·         Have the students draw a map of what they believe the Fat-Cats’ journey was.  (this activity could also be tied in with a Social Studies lesson on geography)
·         Using the poem “The First Mate and the Whale Islands,” give each student a piece of white paper divided with marker into four sections.  Have students draw the four major scenes (from the four stanzas) from the poem into the four sections so that they create a kind of comic strip. 
·         Ask students to draw a picture of what the Island of Sticky-Bun looks like based on the descriptions in the poems

·         If possible, make sticky buns, or at least bring some in to share with the students.

Social Studies
·         Captain McQatt and his sailors embark on an adventure for the Queen.  Discuss a few of the many explorers who also embarked on similar adventures.  Assign each student a real Captain or voyage to research

Related Websites/Blogs
1.  J. Patrick Lewis’ website
[Look here for Mr. Lewis’ list of great links to children’s literature and poetry websites]

2. “On the Trail of Captain John Smith: A Jamestown Adventure” from National Geographic Kids
[A fun interactive game that teaches students about John Smith’s experience as a captain]

3. Whalewatch for Kids
[Look here for games and information about whales]

4. Giggle Poetry
[Look here for a great site for kids about poetry.  Kids can read funny poems and rate them, there are wonderful poetry plays to read aloud, and the site provides some really useful ideas for teaching poetry]

Related Books (other poetry, related nonfiction, related fiction)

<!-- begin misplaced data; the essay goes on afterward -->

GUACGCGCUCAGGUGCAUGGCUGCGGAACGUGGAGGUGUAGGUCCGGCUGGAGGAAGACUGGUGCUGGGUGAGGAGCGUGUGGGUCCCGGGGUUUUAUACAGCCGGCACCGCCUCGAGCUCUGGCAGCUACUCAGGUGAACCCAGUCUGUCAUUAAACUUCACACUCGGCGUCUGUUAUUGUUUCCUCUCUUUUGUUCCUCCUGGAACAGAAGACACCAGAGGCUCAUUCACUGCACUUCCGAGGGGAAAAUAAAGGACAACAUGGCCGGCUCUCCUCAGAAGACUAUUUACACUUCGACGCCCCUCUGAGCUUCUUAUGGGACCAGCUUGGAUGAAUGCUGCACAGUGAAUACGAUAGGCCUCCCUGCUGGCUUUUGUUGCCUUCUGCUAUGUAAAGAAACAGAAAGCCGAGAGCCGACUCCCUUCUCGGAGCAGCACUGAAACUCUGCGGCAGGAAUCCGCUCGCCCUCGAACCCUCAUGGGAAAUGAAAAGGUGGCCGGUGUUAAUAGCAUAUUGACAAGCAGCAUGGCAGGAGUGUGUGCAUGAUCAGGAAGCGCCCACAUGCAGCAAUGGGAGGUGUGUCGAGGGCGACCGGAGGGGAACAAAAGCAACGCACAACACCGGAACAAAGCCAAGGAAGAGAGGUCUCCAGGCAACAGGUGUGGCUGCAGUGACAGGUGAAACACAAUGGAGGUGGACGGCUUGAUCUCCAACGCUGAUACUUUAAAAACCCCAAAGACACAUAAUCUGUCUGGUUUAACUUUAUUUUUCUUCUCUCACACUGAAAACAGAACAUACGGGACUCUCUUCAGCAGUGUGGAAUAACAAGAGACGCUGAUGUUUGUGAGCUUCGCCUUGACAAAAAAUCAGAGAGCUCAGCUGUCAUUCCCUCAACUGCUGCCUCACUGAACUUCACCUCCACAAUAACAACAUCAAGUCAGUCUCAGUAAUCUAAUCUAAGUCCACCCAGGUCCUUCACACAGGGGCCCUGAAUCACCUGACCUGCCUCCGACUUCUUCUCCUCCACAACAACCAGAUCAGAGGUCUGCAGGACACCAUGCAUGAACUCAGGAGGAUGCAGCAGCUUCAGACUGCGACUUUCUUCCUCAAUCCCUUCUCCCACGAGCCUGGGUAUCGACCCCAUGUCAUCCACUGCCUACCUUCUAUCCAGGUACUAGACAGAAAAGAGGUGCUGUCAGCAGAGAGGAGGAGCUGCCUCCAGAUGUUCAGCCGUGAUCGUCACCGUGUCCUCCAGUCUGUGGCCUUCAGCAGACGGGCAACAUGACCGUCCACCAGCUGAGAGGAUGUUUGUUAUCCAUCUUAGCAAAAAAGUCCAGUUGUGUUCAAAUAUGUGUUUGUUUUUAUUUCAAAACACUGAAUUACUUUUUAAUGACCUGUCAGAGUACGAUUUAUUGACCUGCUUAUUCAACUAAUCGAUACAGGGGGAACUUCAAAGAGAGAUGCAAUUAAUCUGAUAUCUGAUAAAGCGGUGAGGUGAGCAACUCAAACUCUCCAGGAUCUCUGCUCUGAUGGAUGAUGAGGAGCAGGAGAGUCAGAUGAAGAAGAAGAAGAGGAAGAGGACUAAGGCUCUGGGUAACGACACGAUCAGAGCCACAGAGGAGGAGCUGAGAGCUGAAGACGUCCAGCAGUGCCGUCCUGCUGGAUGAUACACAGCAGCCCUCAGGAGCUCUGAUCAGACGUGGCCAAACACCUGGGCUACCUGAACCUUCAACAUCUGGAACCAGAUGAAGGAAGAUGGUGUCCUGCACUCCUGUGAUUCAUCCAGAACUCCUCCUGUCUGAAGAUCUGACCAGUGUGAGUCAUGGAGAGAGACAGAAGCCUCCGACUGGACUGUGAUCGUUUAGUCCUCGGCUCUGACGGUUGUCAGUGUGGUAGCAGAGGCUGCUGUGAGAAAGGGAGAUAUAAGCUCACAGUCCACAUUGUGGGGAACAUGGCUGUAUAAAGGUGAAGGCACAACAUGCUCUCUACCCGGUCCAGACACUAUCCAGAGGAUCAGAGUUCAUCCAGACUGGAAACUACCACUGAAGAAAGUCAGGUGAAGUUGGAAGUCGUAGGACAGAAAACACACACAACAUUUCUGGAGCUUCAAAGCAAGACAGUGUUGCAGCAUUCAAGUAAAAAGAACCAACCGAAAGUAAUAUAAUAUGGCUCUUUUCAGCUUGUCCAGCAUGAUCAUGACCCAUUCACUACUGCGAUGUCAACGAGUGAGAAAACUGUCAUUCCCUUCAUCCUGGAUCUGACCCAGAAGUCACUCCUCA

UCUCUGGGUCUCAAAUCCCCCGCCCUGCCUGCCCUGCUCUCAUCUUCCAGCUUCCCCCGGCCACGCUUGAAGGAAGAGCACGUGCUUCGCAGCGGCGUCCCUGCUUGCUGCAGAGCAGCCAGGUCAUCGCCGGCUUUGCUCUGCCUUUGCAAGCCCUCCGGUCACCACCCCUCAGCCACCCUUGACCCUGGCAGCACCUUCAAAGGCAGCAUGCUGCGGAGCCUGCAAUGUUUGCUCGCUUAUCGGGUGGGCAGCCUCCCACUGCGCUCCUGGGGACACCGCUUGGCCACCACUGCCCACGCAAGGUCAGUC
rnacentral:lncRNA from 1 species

·         Pfister, Marcus.  Milo and the Mysterious Island.  New York: North-South Books, 2000.
·         Hirsch, Odo. Bartlett and the Ice Voyage.  New York: Bloomsbury Children's Book, 2003.

Nonfiction about Sailors and Explorers
·         Krull, Kathleen.  Lives of the Pirates: Swashbucklers, Scoundrels (Neighbors Beware!); illustrated by Kathryn Hewitt
·         Saari, Peggy, and Baker, Daniel B. Christopher Columbus. Explorers & Discoverers: From Alexander the Great to Sally Ride. Ed. Carol DeKane Nagel. New York: UXL Publishing, 1995.
·         Grant, Neil. The Discoverers. New York: Arco Publishing, Inc, 1979.

Poetry related to Ocean Life and Exploration
·         Bulion, Leslie.  At the Sea Floor Cafe: Odd Ocean Critter Poems.  Atlanta, GA: Peachtree Publishers, 2011.  Illustrated by Leslie Evans.
·         Lewis, J. Patrick.  Blackbeard the Pirate King.  National Geographic Books, 2006.

About the Author      
J. Patrick Lewis is the critically acclaimed author of picture books, both poetry and prose, for children.  His first collaboration with Victoria Chess, A Hippopotamusn’t, was universally praised, Publishers Weekly calling it “joyful exuberance…reminiscent of Ogden Nash.”  Other titles include Two-Legged, Four-Legged, No-Legged Rhymes, hailed as “one grand chorus of delight” by The Horn Book, and The Moonbow of Mr. B. Bones, a 1992 ALA Notable Book.  Mr. Lewis, the father of three, lives in Westerville, Ohio, and teaches at Otterbein College. 
About the Illustrator
Victoria Chess is the deliciously wicked illustrator of A Hippopotamusn’t by J. Patrick Lewis, Spider Kane and the Mystery Under the May-Apple and Spider Kane and the Mystery at Jumbo Nightcrawler’s, both by Mary Pope Osborne, and The Bigness Contest and Tales for the Perfect Child, both by Florence Parry Heide.  Ms. Chess lives with her husband, two bull terriers, and two divine felines, Zazou and Pearl, in Connecticut.

Text from THE FAT-CATS AT SEA by J. Patrick Lewis.